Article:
# Biquad coefficients using Magnitude (or Phase) Invariance Mapping Method

I'm trying MIM (Magnitude Invariance Method) and PIM (Phase Invariance Method) for to improve biquad LPF response at low sampling rates. I'm looking some help and examples of usage if available.

EDIT_1: I tried MIM method for 2nd order

LPF
fs=44100
fc=15000
Q=0.707


and

Peak filter
fs=44100
fc=10000
Q=0.707
db=6


Here are the resulting plots:

Responses looks promising.

Example code (LPF):

% Analog model for LP filter:
fs = 44100;
fc = 10000;
Q  = 0.707;

w0 = 2 * pi * fc;
b2 = w0^2;
a2 = [1 w0/Q w0^2];
Ds = tf(a2, b2);

% Calculate coefficients using MIM
[Dz] = c2dn(Ds, fs, 'mim', 2, 4096*256);

bodemag(Ds, 'r', Dz, 'b');

• What is MIM? PIM? What have you tried to implement?
– Peter K.
Commented Jul 10, 2016 at 16:39
• Matlab and Octave are very similar. Just try running the code and ask about errors on StackOverflow.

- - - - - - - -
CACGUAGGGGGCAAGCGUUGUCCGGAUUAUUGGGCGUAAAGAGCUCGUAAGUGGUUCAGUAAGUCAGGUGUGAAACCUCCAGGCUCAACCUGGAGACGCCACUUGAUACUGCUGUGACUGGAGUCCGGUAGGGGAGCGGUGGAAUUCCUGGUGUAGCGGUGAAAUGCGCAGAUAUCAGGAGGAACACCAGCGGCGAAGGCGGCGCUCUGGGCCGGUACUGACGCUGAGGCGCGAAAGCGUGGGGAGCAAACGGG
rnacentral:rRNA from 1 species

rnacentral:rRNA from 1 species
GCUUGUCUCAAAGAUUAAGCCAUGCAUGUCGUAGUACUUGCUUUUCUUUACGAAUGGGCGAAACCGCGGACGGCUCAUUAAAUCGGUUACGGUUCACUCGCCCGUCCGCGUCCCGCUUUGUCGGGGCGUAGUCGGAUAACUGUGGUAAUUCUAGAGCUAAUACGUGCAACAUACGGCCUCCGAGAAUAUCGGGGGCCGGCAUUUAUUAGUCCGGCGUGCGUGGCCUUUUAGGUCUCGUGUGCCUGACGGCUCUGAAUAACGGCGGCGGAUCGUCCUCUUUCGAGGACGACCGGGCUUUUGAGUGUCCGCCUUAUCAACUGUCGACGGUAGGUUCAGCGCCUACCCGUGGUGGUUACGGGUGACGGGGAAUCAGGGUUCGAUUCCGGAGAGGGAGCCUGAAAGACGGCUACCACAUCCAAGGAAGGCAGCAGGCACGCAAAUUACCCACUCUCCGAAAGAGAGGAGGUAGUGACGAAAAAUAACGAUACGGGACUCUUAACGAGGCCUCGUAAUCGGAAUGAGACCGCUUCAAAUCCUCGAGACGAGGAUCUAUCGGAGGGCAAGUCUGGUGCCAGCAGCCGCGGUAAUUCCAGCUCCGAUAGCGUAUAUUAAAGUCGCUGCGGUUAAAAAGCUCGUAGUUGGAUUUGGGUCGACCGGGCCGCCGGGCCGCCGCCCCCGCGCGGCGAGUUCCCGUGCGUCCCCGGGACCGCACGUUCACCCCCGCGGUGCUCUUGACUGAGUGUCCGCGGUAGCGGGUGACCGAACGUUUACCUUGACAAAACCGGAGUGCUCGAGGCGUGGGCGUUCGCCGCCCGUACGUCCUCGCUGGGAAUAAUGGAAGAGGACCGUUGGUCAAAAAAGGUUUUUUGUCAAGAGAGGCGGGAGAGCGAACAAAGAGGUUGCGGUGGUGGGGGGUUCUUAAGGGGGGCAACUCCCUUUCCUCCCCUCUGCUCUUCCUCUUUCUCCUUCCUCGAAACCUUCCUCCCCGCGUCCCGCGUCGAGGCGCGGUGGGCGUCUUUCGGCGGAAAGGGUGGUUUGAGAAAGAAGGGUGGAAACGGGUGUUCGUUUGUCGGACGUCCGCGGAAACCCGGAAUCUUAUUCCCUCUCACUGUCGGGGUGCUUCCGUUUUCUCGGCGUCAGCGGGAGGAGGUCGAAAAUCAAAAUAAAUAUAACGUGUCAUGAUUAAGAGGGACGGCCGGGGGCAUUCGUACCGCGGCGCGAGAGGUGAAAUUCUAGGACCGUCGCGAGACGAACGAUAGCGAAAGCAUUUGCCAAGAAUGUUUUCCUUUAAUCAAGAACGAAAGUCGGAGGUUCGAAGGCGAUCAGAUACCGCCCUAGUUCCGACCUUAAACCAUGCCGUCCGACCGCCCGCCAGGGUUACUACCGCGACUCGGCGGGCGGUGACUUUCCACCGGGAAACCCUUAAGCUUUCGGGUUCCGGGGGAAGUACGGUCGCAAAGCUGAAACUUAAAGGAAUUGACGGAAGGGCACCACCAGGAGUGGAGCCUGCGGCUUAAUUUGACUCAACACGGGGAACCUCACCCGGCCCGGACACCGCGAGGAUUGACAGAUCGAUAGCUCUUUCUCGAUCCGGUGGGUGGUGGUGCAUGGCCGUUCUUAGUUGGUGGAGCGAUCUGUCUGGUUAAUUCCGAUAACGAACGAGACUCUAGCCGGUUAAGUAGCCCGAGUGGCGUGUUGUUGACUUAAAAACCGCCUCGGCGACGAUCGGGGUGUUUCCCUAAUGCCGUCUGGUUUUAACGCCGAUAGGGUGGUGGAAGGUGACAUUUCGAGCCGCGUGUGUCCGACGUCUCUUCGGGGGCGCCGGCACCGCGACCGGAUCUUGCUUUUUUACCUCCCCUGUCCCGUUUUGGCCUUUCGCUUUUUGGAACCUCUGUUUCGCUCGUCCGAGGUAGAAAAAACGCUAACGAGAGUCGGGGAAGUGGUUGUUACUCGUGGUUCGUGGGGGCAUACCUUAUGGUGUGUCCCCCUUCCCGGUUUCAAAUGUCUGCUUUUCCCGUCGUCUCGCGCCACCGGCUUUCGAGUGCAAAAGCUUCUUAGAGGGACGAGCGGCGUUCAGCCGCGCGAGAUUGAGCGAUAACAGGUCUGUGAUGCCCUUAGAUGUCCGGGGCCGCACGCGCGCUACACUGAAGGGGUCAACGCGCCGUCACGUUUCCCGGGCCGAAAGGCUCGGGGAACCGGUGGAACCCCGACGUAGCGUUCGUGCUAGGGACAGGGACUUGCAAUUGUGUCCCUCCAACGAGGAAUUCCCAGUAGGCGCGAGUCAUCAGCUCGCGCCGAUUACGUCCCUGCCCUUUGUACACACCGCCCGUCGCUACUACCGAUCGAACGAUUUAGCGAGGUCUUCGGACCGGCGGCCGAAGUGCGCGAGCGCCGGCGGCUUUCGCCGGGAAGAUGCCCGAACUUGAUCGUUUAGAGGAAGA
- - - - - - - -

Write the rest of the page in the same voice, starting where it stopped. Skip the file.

– Peter K.
Commented Jul 14, 2016 at 12:08
• Sorry! I've been traveling. Can you post your solution as an answer here? Thanks!
– Peter K.
Commented Jul 17, 2016 at 8:40

2nd order MIM LPF results looks great for selected cutoff frequency (fs = 44.1kHz) as seen in plot (frequency range upto 23873Hz):

Coefficients for plotted 2nd order filter:

a [0.437417389844334 0.1220119196463959 -0.04071587087954469]
b [1 -0.6951293456643256 0.2138427842755107]


EDIT:

It looks like there are some problems in magnitude response when fs is increased and/or when fc is reduced. MIM/PIM paper mentions this as an issue.

So, it looks like MIM can be used for to improve 2nd order LPF magnitude response especially when using low fs and high enough fc. Magnitude issues can be bypassed by using higher order filters. Fortunately MIM method works correctly for my purposes.

EDIT: First and the second D(s) given in paper examples are wrong. The correct ones are (5s + 2) and (s + 10) / (s^2 + 4.1s + 0.4). With those all the MIM calculations become right. The third example (PIM) was correct.